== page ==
$1.9m for study into CQ renewable hydrogen project
THE Federal Government will today announce a commitment of $1.9 million towards a feasibility study into a renewable hydrogen plant near Moura.
Funded by the Australian Renewable Energy Agency, Queensland Nitrates will examine the feasibility of commercial renewable hydrogen.
The proposed project has the capacity to produce 20,000 tonnes a year of ammonia from 3600 tonnes of renewable hydrogen.
Member for Flynn Ken O'Dowd said if the study supports the development of the plant, it would provide a boost to construction and ongoing employment at Moura.
Queensland Nitrates currently uses natural gas to manufacture the ammonia required for its plant.
The project would reduce its use of natural gas by about 20 per cent and minimise its dependence on third-party suppliers to fill its production gap.
Mr O'Dowd said the study would be great for the economy.
"If the study leads to a plant being built, it will create hundreds of jobs during construction and dozens of ongoing local jobs for Moura," he said.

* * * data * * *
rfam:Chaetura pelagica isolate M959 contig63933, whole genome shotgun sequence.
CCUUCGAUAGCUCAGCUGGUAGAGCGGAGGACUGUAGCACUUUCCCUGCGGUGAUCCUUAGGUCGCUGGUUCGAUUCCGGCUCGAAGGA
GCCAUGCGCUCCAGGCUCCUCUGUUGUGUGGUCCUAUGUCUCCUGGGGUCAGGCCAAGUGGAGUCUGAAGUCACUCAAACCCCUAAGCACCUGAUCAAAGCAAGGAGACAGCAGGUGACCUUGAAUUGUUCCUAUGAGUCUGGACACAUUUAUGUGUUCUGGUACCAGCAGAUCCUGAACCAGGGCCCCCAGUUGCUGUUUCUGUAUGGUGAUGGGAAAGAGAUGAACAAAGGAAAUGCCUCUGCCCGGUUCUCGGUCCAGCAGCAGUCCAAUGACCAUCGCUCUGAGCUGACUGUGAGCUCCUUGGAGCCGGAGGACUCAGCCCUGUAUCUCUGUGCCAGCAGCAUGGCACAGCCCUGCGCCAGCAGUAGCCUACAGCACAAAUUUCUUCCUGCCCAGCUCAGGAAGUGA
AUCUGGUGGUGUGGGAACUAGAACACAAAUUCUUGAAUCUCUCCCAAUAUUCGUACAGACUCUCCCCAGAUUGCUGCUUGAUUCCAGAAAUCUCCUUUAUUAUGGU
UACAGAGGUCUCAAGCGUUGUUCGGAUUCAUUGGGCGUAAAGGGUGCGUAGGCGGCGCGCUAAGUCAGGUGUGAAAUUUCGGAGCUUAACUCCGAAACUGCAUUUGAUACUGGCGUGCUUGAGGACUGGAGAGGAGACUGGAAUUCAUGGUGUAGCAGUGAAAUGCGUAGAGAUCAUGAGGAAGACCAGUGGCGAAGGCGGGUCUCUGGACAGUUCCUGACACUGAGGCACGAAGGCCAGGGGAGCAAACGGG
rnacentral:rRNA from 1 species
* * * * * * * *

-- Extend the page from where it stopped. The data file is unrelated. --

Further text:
"This funding shows the Federal Government's strong commitment to explore the use of hydrogen in exports, transport and the gas distribution network, for industrial users and to support electricity systems."
Energy Minister Angus Taylor said this would also help pave the way for Australia to become a world leader in hydrogen development.
"The development of our hydrogen resources will create ... jobs and an export industry valued in billions," he said.
"We are taking action to ensure Australia is prepared to grasp those opportunities."
The announcement follows last week's release of Geoscience Australia's comprehensive analysis into Australia's role in hydrogen generation.
The report, Prospective Hydrogen Production Regions of Australia, identified areas with high potential for future hydrogen production.
"Hydrogen has the potential to be a major new industry over coming decades, similar to the scale of the LNG industry in Australia," Mr Taylor said.
"The development of our hydrogen resources could also create new Australian jobs and an export industry valued in the billions."
Australia's Chief Scientist Alan Finkel is expected to release the comprehensive national strategy for the development of a hydrogen industry by the end of the year.